Fusion-io ioXtreme PCI Express SSD Review - HotHardware

Fusion-io ioXtreme PCI Express SSD Review

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Fusion-io sent us two cards for testing, an ioXtreme and their ioXtreme Pro.  We're told the the Pro variant is identical to the standard card, in terms of performance, except for Fusion-io's "Xlink" technology which allows two cards to be ganged together in a RAID setup over PCI Express.   


Left: ioXtreme Pro - Right: ioXtreme

The cards themselves are a case study in simplicity and design elegance.  The current ioXtreme design packs 80GB of MLC NAND flash in a half-height PCI Express X4 footprint and requires no external power beyond the PCIe slot power provided to the card.  

  

The ioXtremes are also passively cooled with a rather small heasink mounted to the top of the board's controller ASIC.  The ioXtreme's flash controller ASIC (Application Specific IC) is also supported by various other chips on the board, like Samsung DRAM cache and an Intel configuration Flash chip that is responsible for setting up the controller chip, since it is in fact a programmable device.

  

  
ioXtreme FPGA's by Xilinx and Fusion-io's ioAdministrator Software

In reality, the proprietary controller ASICs on all ioXtreme boards currently are FPGAs (Field Programmable Gate Array) from Xilinx.  The Xilinx Vertex 5 chip that Fusion-io chose to build their controller out of is a rather large 1136 ball grid array device that comes with 110,000 logic cells for programming as well as several blocks of configurable memory on board and multiple other serial IO blocks like PCI Express.  These Xilinx FPGAs likely are few hundred dollars each and are easily the most costly component on the ioXtreme's bill of materials.  In the future, Fusion-io can cost reduce the board significantly, once their controller design is stable, by going to a full custom, hard-wired ASIC, versus the programmable devices they're currently using now.

The controller design of the ioXtreme implements a 25 parallel channel (X4 bank) memory architecture, with one channel dedicated to error detection and correction, as well as self-healing (data recovery and remapping) capabilities for the flash memory at the cell level.  By way of comparison, Intel's X25-M SSD implements a 10 channel design.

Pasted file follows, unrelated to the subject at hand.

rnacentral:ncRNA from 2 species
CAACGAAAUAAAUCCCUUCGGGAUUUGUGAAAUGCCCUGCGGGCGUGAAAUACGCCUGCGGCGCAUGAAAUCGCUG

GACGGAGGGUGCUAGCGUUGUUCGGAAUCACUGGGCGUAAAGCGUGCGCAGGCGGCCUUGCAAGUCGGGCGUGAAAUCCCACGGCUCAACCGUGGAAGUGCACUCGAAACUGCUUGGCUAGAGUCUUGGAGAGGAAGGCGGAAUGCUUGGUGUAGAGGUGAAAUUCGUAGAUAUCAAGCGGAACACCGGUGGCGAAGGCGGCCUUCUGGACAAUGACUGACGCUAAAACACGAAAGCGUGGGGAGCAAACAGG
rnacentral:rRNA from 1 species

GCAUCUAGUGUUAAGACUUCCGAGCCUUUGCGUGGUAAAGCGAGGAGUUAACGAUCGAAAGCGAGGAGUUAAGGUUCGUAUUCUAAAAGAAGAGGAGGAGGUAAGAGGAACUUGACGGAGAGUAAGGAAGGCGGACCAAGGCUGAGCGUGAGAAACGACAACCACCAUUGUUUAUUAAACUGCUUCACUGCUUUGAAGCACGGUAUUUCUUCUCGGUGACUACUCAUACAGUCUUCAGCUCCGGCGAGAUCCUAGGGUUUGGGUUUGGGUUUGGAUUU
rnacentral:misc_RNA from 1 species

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That is so sick! I've already ordered the package of both!

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I also ordered TWO of that package!!!

 

jk jk - this is a huge ripoff as I don't have ANYTHING that could benefit from this speed.

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Yeah, I ordered four of them so I could power my 486 DX40 in a new way.

It's probably not compatible with the 8088,...................

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Well now with Sata 6.0Gbps coming to market hopefully we'll be able to see these kind of speeds out of 2.5" drives. Or maybe someone will FINALLY make an awesome 3.5" drive. It would be a smart next move in this market I would think. Not sure why no one has done it yet. You can fit more hardware in a 3.5" drive. Which would mean, more speed and higher capacity. And with a new bus I would think that would = pure awesome :-)

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$11/GB is just way way too much. The extra speed doesn't justify the price bumb from cheaper SSDs.

Still, having "Upto 700MB/sec read speeds" will make you happy like a fat kid on cake.

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I mus t be the only one who's not getting these things.

They said they would be bootable, but they're not.  So for TYPICAL users, who's biggest value proposition is to use an SSD as their boot/application drive, this is massively less useful than if it was bootable. 

And as acarzt noted, SATA 6.0 Gbps is coming soon, and in fact you can buy a SATA 6.0 Gbps PCIe card (which also has USB 2.0 ports on it) from ASUS for only $30.  Since many current SSDs are likely maxed out by the SATA 3.0 Gbps limits, this may change things sigificantly once SSDs with SATA 6.0 start shipping.